Generally, urban foraging involves the collection of plants growing outside areas where they have been purposefully cultivated for consumption, i.e. the domestic gardens, community gardens and agricultural fields where most work on urban food systems and urban agroecology is focused. We define urban foraging as the gathering of raw biological resources (e.g., plants and plant parts, fungi) in urban and peri-urban areas for food, medicine, crafts, small-scale sale, or other purposes (adapted from Shackleton et al. 2017). These “forageables” include wild and domesticated species that occur spontaneously, those that spread or persist without human intervention, and those that are introduced primarily for non-edible/ material purposes—such as landscaping (Poe et al. 2013). Urban foraging can occur in a wide variety of spaces, both managed and unmanaged, public and private, including parks and forests, abandoned lots, alongside rights-of-ways and in nature preserves (McLain et al. 2014). It thus relies on the role of various urban greenspace types in harboring considerable biological richness (e.g., Kowarik & von der Lippe 2018) which, in addition to fulfilling habitat functions, also include a wealth of forageable species for humans that ultimately become a component of urban residents’ daily nutrition and the circular economy of the urban food system as a whole.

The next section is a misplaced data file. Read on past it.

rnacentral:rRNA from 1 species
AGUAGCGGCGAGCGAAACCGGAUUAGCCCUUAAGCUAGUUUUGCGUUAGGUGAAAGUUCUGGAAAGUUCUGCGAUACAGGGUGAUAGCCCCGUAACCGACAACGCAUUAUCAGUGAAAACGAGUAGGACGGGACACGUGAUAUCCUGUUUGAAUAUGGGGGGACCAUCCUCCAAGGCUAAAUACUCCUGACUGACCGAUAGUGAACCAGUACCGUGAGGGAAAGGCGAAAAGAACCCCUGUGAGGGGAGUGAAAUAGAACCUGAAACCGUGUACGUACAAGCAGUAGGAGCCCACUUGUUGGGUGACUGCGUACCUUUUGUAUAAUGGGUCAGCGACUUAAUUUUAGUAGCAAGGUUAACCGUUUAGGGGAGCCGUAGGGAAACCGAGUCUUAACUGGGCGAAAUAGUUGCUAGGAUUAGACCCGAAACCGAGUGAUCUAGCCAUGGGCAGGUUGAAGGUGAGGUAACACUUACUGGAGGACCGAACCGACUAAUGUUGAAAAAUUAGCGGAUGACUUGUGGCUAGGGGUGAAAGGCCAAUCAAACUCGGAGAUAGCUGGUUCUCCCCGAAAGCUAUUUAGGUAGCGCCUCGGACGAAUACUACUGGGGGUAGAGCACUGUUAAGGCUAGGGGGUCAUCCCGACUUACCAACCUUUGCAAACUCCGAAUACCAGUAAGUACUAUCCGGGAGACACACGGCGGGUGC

While it is likely that foraging occurs in most cities around the world, the particulars, including species and quantities gathered, harvesting environments, socio-demographics and motivations of foragers are varied and related to specific times and places (Synk et al. 2017. Landor-Yamagata et. al 2018). Intriguingly, over the past decade or so in the Global North, foraging in general has enjoyed some time in the limelight, even becoming trendy (Reyes-Garcia 2015). Explanations for this rise in popularity could include increased interest in locally-grown foods and urban agriculture, desire of urban populations to connect with nature, as well as influences of ‘tastemakers’ such as well-known restaurants that showcase regionally-foraged ingredients (Luczaj et al. 2012). On the other hand, and in stark contrast, foraged foods have also provided essential nutrition and added variety during times of great hardship, such as recent war and famine (Redzic 2010. Luczaj & Pieroni 2016). Research has also shown that some species collected in times of crisis were later abandoned and stigmatized as “famine foods” (Svanberg 2012, Reyes-Garcia 2015). Thus, though urban foraging has certainly experienced waves of popularity in both times of prosperity and hardship, overall it has remained an important practice in urban food- based movements.